First up, we have an option to watch the film with or without an introduction from Martin Scorsese, which lasts 2'03". There’s little to say here except that Scorsese’s obvious love for this film shines through, and he does make a good, if brief, case for Peeping Tom being a true classic of British cinema.

Next, we are provided with a commentary by Ian Christie. Unfortunately, whilst there is much information to be gleaned from the track and very little in the way of dead air, it is a tad too dry for my tastes and Christie does tend to fall into the trap of merely describing what we can see on the screen. However, he clearly knows London very well, since he gives us a comprehensive rundown of where all the locations used in the film are situated, and how much they have changed over the years, if at all. Please note that the commentary starts over the somewhat incongruous Studio Canal logo, so don’t fast forward through it.

Next up, two featurettes. The first, called Eye of the Beholder (18'46") briefly covers Powell’s career and the making of Peeping Tom itself, with contributions from, amongst others, Scorsese, Thelma Schoonmaker, as well as Powell’s son.

The second featurette (24'53") is labelled as The Strange Gaze of Mark Lewis on the menu, but The Strange Look of Mister Lewis on the documentary itself. I suspect this is actually a French-sourced documentary, since a lot of footage is in French (English subtitles are provided) and the title of the documentary itself is presented on a very simple black screen, in plain white text (presumably a replacement card for the original French titles). That might explain why there are two different versions of the title, though I would suspect that the one on the front of the documentary is the most accurate translation. This featurette examines the impact of the film from a European perspective and again looks at the way in which it was received both at the time of release and now. Just as interesting in its own way as the previous featurette, it even provides some fascinating anecdotes, including that fact that Dirk Bogarde was originally offered the part of Mark Lewis, but turned it down as he didn’t want to play a “child molester” [sic]. One does have to wonder if he understood the script at all. I did spot one small error, however; mention of Shirley Anne Field’s involvement in the film is illustrated with a clip of Pamela Green.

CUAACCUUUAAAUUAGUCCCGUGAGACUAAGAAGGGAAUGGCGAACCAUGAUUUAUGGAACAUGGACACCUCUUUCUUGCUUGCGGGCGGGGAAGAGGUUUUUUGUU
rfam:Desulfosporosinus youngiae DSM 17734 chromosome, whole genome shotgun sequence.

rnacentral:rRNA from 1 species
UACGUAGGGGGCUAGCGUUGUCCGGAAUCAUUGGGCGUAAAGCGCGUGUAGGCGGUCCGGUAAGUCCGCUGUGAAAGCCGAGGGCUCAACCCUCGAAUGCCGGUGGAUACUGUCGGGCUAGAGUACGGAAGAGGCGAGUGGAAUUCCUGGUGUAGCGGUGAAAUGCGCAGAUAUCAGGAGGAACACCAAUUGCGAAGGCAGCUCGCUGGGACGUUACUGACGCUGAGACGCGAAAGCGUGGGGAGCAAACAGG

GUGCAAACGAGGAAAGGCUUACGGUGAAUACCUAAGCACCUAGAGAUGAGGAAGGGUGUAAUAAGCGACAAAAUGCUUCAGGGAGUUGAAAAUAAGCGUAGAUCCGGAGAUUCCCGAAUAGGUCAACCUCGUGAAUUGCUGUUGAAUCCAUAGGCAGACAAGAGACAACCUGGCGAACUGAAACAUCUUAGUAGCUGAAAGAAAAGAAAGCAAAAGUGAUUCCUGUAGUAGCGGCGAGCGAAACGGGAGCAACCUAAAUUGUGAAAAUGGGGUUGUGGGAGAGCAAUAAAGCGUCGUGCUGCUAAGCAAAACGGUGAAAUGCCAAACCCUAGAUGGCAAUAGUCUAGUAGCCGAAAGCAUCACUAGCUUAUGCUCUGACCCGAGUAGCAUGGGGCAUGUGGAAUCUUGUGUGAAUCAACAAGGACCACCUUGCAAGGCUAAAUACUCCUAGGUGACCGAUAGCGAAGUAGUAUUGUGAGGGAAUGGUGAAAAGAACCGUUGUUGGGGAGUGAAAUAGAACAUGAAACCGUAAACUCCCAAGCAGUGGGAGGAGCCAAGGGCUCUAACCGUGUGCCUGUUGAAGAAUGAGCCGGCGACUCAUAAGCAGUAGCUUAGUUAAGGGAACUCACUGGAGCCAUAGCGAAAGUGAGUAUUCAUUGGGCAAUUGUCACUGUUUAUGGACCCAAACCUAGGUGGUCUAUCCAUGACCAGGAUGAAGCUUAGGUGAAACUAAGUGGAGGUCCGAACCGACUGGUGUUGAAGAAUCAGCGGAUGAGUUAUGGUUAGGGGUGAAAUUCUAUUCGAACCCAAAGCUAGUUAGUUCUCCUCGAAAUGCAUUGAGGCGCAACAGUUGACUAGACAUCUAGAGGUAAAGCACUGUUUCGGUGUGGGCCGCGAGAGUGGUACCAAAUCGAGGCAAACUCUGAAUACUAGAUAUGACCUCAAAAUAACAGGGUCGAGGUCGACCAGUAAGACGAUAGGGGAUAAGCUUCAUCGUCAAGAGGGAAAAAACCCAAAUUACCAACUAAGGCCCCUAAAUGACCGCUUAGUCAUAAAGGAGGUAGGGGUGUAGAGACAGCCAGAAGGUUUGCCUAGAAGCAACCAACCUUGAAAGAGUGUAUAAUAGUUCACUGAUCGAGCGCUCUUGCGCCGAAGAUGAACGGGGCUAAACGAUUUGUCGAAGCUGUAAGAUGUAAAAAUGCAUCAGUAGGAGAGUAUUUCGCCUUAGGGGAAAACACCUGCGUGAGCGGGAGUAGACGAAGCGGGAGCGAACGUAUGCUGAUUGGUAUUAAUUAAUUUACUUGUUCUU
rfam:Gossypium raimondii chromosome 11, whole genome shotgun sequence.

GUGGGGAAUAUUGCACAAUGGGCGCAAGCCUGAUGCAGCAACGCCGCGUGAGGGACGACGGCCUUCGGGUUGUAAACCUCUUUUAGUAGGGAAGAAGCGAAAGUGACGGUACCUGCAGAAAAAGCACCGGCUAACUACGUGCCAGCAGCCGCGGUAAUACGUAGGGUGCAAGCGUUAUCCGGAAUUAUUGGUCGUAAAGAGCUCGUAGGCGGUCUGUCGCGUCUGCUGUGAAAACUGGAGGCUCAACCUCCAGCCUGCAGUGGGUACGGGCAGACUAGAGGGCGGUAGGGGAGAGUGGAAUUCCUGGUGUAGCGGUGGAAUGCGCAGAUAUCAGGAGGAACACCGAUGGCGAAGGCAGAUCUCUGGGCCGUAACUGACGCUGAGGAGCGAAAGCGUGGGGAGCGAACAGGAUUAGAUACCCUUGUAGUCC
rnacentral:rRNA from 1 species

Next up is a ten-minute interview with Powell’s widow, Thelma Schoonmaker. This is a touching, affectionate take from Thelma, detailing Powell’s career and own reaction to Peeping Tom (it would seem that, whilst he was proud of the film, even he didn’t consider it to be amongst his best work). We also learn that it was Scorsese who introduced Thelma to Michael.